Many Park Hills residents are frustrated with the condition of Amsterdam Road, especially the section between Sleepy Hollow and Hillcrest. That’s understandable, given that this section has seen a seemingly endless progression of short-term fixes that fall far short of what’s needed. Why is that the case? What is the holdup on the “deep fix” that will solve this issue once and for all?
As with most things, it comes down to money. The stretch of Amsterdam Road that runs through Park Hills was “gifted” to the City in 2005 by Kenton County (which previously was responsible for maintaining it). That means a city of 3,000 residents is responsible for a road that carries an average of 45,000 to 65,000 cars each month going North Bound, depending on the season: the vast majority of them from other cities. We can lament the unfairness of that all we want but it doesn’t change the facts. And it doesn’t solve anything.
The section of Amsterdam from Hillcrest to Trolley Park needs a mill-and-overlay, which the City can afford in its regular road budget. Unfortunately, it can’t be done until the deep fix is completed.
The deep fix of Amsterdam from Sleepy Hollow to Hillcrest entails removing the entire roadbed, replacing all infrastructure beneath it (mostly water and sewage pipes, which are not the City’s responsibility) and then completely rebuilding the road and sidewalks. That’s the only approach that will actually “solve” the problem. The cost is estimated to be around $3 million dollars. To put that in perspective, the City’s entire annual budget is a little shy of $2 million. Our annual road budget is around $98,000. Clearly, this is not a project the City can take on alone without incurring millions of dollars of debt.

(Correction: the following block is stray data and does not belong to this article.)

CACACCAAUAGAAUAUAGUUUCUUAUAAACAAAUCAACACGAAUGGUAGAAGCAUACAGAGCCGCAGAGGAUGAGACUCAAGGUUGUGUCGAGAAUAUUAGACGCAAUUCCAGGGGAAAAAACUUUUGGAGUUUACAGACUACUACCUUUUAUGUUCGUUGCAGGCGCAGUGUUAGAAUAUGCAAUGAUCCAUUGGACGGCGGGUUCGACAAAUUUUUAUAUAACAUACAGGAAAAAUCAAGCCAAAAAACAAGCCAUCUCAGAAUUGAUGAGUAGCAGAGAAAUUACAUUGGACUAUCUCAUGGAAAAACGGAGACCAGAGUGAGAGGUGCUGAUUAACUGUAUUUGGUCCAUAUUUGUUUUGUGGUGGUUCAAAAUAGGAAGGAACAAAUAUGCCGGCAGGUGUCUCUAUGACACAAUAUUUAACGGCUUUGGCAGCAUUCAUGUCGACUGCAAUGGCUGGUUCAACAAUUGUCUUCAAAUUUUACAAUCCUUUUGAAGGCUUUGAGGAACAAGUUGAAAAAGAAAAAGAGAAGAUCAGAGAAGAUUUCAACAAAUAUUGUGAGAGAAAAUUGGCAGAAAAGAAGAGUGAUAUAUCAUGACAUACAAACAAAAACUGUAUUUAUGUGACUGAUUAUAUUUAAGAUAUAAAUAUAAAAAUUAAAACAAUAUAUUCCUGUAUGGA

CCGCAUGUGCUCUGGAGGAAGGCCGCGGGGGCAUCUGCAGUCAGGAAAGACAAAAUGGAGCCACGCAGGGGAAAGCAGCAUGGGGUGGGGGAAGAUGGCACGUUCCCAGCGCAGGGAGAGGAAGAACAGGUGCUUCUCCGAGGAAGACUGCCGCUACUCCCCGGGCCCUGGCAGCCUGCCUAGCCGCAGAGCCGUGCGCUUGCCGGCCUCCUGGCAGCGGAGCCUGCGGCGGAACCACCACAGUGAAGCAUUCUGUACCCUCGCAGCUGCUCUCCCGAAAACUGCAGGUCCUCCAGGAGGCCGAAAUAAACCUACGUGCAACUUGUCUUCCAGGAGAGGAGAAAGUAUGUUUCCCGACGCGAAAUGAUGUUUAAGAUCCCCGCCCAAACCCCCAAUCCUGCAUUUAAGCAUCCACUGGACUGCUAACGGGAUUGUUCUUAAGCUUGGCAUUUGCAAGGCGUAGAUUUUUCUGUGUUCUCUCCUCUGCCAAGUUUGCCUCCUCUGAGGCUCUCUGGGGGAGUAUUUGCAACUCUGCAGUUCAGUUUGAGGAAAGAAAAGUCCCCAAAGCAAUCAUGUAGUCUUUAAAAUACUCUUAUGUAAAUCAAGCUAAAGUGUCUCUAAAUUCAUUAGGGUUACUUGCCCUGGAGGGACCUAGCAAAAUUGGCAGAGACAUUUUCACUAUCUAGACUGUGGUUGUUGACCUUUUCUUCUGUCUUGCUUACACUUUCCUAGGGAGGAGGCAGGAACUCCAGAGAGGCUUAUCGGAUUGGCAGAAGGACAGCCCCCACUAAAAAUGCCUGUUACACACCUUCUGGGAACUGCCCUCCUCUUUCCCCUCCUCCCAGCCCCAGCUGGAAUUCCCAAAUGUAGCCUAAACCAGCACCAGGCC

So, the City opted to do two things: make whatever minor repairs it could afford while looking for funding to do the deep fix. Even doing minor repairs poses problems, since issues with the water and sewer pipes erode parts of the roadbed, causing what are essentially sink holes that swallow up the repairs. The more you fill, the more it sinks, and the potholes return.
To put itself in the best position to win grant funding, the City first had to set aside money to cover the local match. We estimated that to be 30% of the total cost, which came out to approximately $1 million. We saved that money over time and it is now sitting in a bank account. With the match in hand, we were able to secure the remaining (amount) as a grant from the Ohio Kentucky Indiana Regional Council of Governments, or OKI.
So, where do things stand?
Engineering work for the long-awaited deep fix is scheduled to begin in March 2024. While we have not received an official timeline, experience suggests that construction won’t begin for another eight to 12 months. In the interim, the City will begin developing a traffic maintenance plan for when construction starts, and is seeking bids for more minor fixes. The parameters of the grant do not allow the City to do much more than patch, as we’ve been doing. Besides, it would not be fiscally prudent to spend a huge chunk of money on repairs that will be ripped up when construction begins.
Help is on the way, but it will require more patience. We all wish this would go faster. We drive on Amsterdam, too. So do our families and friends. The simple fact is this is an expensive project with lots of moving pieces.

We appreciate everyone’s patience on this.